Japan's core consumer prices rise 2.1% in May
Tokyo, June 24 (IANS) Japan's core consumer prices rose 2.1 per cent in May from a year earlier, staying above the central bank's inflation target for a second straight month, owing to rising prices for energy and food, the government said in a report on Friday,
According to the Ministry of Internal Affairs and Communications, the nationwide core consumer price index, excluding volatile fresh food items, increased for the ninth straight month in May, reports Xinhua news agency.
The statistics bureau's data showed that inflation is continuing and showing no signs of let-up as the yen's persistent weakness continues to push up import costs for resource-poor Japan.
The statistics bureau also said the waning year-on-year impact of lower mobile data fees also contributed to the latest rise in inflation.
The bureau said that energy prices leaped 17.1 per cent from a year earlier, while kerosene prices surged 25.1 per cent.
Gasoline, meanwhile, soared 13.1 per cent in the recording period despite government subsidies.
Food prices, excluding perishables, were up 2.7 per cent, to mark the fastest pace of gain in around seven years with some retailers forced to pass on rising prices to consumers which could affect demand.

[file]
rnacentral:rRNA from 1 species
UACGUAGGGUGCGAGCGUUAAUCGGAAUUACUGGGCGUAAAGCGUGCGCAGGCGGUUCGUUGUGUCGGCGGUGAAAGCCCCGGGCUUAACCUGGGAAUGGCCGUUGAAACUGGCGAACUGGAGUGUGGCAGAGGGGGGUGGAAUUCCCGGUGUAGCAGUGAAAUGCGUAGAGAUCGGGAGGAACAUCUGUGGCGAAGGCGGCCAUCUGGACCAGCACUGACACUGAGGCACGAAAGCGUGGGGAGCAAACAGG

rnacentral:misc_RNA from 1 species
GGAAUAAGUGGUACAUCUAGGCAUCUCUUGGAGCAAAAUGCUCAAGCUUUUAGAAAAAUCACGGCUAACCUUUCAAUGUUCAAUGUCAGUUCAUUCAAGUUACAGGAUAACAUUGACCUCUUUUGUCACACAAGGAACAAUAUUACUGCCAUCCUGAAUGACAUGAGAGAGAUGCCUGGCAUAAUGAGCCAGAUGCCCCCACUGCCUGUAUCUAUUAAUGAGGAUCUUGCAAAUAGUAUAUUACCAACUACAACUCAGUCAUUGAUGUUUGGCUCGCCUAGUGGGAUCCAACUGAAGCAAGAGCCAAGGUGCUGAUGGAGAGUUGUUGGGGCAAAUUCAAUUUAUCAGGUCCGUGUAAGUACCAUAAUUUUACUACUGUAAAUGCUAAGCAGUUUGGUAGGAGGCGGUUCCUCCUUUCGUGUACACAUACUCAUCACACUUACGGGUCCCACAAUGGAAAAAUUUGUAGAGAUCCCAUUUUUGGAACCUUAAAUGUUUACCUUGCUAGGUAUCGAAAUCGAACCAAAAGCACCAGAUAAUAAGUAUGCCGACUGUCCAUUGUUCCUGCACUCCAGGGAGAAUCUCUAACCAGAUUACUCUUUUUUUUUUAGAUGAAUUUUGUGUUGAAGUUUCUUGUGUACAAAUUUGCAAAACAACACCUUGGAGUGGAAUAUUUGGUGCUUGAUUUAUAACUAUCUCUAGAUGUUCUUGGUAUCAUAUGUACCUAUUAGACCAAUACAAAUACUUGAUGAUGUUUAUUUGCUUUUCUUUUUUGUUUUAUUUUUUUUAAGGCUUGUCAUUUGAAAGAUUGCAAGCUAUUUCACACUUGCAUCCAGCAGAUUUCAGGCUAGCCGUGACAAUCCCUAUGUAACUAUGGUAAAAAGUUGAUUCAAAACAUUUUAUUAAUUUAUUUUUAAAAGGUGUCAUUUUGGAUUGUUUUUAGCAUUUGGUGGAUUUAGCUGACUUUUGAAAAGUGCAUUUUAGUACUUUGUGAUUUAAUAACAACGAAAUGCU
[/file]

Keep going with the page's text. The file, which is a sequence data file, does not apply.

Skyrocketing prices will be one of the major focuses of the next month's upper house election, with Prime Minister Fumio Kishida's government under fire from opposition parties for not being proactive enough in combating the price-rise predicament.
The core-core CPI, meanwhile, excluding both energy and fresh food prices, was up 0.8 per cent, the bureau said, marking the second straight month of increase.
The Bank of Japan's (BOJ) has remained steadfastly committed to maintaining its ultra-easy monetary policy, believing that the current rise in inflation will be temporary.
But other central banks in Europe and the US have hiked their interest rates to combat inflation, with a widening interest rate gap between the BOJ and other central banks adding to the yen's weakness and putting pressure on the bank to adjust its long-held dovish policy.